When the vocalist says 'boo', or 'ess' in the mic, that signal goes through the band pass filters, and tells the instrument side to let through only the very same frequencies of that keyboard chord.

But enough of that. After some etching and drilling, rest of the boards are on the making. Compander boards are already populated, but again, I had to cram some components in, due to making the layouts/boards as small as a stamp :



Band pass filter boards ready for the parts. I managed to salvage all the needed components from the previously built boards:



If and when all the 'blocks' are built, tested and working, then the aural testing -fun should be a bit closer. Some bus boarding, and other supplies need to be ordered before that, though.   


Offline awemawson

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Re: Extending the soundscape of a hexaphonic guitar pickup
« Reply #57 on: August 18, 2020, 05:31:19 PM »
Surely those electrolytics don’t need to be 250 volt working   Rated at a lower voltage they’d be much smaller and your board less crowded.
Andrew Mawson
East Sussex

Offline sorveltaja

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Re: Extending the soundscape of a hexaphonic guitar pickup
« Reply #58 on: August 19, 2020, 09:10:45 PM »
That's a good point. I haven't paid too much attention for the voltage ratings.

Offline sorveltaja

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Re: Extending the soundscape of a hexaphonic guitar pickup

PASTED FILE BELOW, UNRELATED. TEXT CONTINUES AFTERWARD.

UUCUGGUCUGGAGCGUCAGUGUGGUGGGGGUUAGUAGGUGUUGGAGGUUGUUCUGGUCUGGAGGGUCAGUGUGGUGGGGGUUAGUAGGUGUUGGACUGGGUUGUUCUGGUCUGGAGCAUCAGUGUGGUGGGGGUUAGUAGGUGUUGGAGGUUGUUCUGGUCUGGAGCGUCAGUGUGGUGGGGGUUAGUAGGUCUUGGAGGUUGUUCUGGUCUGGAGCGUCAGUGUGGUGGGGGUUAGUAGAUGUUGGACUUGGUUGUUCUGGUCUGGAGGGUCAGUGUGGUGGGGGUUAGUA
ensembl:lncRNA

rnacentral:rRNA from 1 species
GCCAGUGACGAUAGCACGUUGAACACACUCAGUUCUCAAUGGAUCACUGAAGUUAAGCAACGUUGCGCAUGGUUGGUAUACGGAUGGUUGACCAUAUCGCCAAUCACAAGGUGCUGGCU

« Reply #59 on: August 20, 2020, 05:46:14 PM »
Band pass filter -boards are now finished, and tested. Regardless of the clumsy looking capacitors, they work as expexted:



Bus board for companders. I'll make the rest for others, once the ordered pc boards arrive:


------------------------------------------------------

Generally, the paper(magazine, or whatever I have at the moment) that I use for the trace transfers, gives acceptable results, but could be better.

Lots of pitting, and tiny fractures in the traces. To this day, it hasn't really been too big of a problem, but I always have to check the continuity of the traces. Once drilling is done, I clean the board thoroughly, and spray a protective 'solder-active' lacquer, to prevent future corrosion of possible weak points.

Yes. there are 'press-n-peel', and UV-based products, which could be a good choice for verified pcb layouts. But for highly experimental, 'trial and error' -stuff, they tend to be rather costly.

There are lots of different ways to do the cheapo laser printed diy-transfers on the net, but it all depends of the paper and/or the method, that is used. For example, if one sees a video on Youtube about the subject, it doesn't mean that same kind of paper is used on mags/adverts around the world.

So far, I've found, that there are at least three ways to adapt the process for one's currently available paper types: ironing, water-acetone method, or combination of both.